"The only thing that matters is what happens on the little hump out in the middle of the field. "

"I became an optimist when I discovered that I wasn't going to win any more games by being anything else."

"A manager should stay as far away as possible from his players. I don't know if I said ten words to Frank Robinson while he played for me."

"I think there should be bad blood between all clubs."

"Optimism is the cheerful frame of mind that enables a teakettle to sing, though in hot water up to its nose."

Rest in Peace Earl Weaver. Baseball fans the world around are appreciative of everything you gave the game  and we'll see you on the other side of the corn field!

Earl Weaver,

Earl Weaver Quotes,

Earl Weaver Quotes,

Earl Weaver Quotes,


Rest In Peace Earl Weaver
Category: MLB
Tags: MLB Earl Weaver


This is all that needs to be said...



Making Sense of Hall of Fame Results
Category: MLB
Tags: MLB Hall of Fame Steroids Blank Ballot


Well, the votes are in and as some predicted, not a single player achieved induction into the Baseball Hall of Fame on Wednesday.


This year's class represented a tremendous challenge for voters, requiring each to use their ballot to not only determine worthiness of baseball immortality, but to also play push past speculation and determine which has cheated the game through the use of steroids. In the end, the BBWAA was not up to the challenge and failed to enshrine a single player.


It is a shame really, as some players were more than worthy, especially some of those that had hung around on the ballot for a few years. The different camps split the vote and in the end, no one gets honored. I do not envy those that cast their ballots, as there was no good ground to walk on. Either you admitted a cheater or you failed to admit some of the best to play the game.


However, it is worth saying that any privileged voter, and voting is a privilege, that failed to vote for a single candidate should have their right to vote revoked. There were five such ballots this year, (Howard Bryant of ESPN being one of them). None of these individuals are making a statement. They are simply undermining a process that they were lucky enough to be included in. If they don't want to vote, they can simply step aside for someone else.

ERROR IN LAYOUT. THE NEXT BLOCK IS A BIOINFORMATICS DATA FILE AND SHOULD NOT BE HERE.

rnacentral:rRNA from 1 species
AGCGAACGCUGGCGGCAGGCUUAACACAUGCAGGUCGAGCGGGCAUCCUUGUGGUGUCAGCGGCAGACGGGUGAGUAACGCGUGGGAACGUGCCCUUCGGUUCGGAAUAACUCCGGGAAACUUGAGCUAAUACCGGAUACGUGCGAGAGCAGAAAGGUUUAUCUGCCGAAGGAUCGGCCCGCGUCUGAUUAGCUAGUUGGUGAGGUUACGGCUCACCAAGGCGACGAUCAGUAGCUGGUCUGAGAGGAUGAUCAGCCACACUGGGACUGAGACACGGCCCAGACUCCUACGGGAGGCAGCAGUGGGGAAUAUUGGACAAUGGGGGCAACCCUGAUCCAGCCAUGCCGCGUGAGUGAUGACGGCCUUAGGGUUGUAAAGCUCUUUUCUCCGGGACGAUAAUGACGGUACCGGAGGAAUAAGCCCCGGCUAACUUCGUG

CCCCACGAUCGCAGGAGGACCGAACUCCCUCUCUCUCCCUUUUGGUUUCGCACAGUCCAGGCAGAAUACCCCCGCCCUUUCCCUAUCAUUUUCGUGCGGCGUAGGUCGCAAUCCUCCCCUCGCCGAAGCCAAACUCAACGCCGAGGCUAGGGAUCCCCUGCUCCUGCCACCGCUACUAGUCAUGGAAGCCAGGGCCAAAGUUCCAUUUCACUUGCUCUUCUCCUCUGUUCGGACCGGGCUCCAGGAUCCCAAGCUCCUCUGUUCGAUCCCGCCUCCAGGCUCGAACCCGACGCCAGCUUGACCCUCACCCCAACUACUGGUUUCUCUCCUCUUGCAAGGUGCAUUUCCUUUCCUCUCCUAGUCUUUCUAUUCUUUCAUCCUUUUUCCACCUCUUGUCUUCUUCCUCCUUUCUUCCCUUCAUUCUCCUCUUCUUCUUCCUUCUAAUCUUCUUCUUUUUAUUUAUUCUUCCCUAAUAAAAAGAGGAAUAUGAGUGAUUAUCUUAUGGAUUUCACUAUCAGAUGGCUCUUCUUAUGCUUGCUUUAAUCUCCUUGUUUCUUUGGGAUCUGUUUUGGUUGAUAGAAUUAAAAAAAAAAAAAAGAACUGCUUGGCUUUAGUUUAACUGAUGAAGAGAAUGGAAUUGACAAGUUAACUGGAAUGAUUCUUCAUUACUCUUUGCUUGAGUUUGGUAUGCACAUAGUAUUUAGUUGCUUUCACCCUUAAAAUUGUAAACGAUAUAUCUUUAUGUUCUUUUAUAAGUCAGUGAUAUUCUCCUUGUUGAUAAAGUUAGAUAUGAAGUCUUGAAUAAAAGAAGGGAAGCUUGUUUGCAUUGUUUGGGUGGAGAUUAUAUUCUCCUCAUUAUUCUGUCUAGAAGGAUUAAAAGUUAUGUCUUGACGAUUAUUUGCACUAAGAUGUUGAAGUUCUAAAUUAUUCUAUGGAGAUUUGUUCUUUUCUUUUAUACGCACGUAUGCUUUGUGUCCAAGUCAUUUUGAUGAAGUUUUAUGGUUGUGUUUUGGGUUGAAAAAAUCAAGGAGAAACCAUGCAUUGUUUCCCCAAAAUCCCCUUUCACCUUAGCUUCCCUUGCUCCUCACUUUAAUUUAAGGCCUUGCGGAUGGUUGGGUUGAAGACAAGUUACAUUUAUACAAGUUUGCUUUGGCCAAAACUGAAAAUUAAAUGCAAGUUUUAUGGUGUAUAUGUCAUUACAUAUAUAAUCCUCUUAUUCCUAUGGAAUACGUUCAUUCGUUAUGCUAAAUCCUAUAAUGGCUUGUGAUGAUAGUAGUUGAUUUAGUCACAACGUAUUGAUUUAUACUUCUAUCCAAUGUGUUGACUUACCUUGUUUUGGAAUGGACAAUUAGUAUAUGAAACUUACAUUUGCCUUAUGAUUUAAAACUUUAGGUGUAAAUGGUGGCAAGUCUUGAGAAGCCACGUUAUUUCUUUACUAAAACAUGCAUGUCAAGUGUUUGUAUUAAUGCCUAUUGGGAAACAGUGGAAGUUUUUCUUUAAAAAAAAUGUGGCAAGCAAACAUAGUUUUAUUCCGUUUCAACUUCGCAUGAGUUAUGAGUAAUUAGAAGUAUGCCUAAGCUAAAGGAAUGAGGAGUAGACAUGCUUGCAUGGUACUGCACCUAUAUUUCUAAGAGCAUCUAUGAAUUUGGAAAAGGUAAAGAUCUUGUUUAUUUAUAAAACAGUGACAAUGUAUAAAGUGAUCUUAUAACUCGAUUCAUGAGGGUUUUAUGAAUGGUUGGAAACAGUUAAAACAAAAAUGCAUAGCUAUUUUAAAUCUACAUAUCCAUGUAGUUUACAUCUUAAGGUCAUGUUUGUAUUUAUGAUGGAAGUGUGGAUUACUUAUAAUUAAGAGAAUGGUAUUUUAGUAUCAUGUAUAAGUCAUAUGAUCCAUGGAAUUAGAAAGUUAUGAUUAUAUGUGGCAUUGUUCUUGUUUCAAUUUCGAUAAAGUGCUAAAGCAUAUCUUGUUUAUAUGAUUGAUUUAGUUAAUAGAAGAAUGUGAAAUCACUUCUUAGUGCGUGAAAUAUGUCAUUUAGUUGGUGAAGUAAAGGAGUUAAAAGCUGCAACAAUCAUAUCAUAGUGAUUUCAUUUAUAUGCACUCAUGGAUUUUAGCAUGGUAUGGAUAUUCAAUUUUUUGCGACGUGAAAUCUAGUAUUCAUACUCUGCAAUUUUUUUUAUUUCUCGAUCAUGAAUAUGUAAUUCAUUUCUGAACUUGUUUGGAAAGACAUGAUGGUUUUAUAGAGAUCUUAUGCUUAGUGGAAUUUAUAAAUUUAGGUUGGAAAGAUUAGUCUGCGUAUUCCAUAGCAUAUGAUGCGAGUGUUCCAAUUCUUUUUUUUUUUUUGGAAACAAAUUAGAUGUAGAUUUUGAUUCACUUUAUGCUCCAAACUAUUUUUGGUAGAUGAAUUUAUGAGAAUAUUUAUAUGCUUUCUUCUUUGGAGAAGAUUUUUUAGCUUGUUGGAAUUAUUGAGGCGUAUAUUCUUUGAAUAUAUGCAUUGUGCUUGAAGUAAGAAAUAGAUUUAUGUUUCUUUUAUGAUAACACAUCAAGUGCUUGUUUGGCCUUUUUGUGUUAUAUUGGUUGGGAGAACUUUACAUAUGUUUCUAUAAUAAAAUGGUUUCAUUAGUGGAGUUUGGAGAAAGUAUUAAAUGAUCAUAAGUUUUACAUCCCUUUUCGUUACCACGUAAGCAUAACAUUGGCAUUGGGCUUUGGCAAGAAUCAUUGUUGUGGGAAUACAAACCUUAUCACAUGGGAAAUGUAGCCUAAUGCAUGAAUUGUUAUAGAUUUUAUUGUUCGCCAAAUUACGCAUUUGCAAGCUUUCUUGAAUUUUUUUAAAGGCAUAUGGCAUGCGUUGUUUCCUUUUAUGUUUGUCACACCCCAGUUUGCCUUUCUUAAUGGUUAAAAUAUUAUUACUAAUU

Here are the final results, as well as some brief commentary on each:



Craig Biggio 388 (68.2%) 1st - Biggio had my vote (if I had one), as well as a number of other mock votes I read in the weeks leading up to the election. I thought for sure he would have made it.

Jack Morris 385 (67.7%) 14th - With the vote split, I thought this was Jack's year, despite being a borderline candidate. That split netted him exactly 3 more votes this year. Next year does not get any easier with Tom GlavineGreg Maddux, and Mike Mussina set to steal some thunder from Morris.

Jeff Bagwell 339 (59.6%) 3rd - Bagwell gets held back because of the "eye test" but he was a tremendous hitter who's career was cut down to early due to injury. Tought to disagree, but he may still see election.

Mike Piazza 329 (57.8%) 1st - Piazza is another who probably got docked a few votes because of speculation, but he belongs in the Hall as one of the best hitting catchers of all-time.

Tim Raines 297 (52.2%) 6th - The Sabermetricians like myself love Raines as a candidate. The guys who look at the traditional stats see a guy that fell short in a lot of categories. He belongs in, but will take some convincing.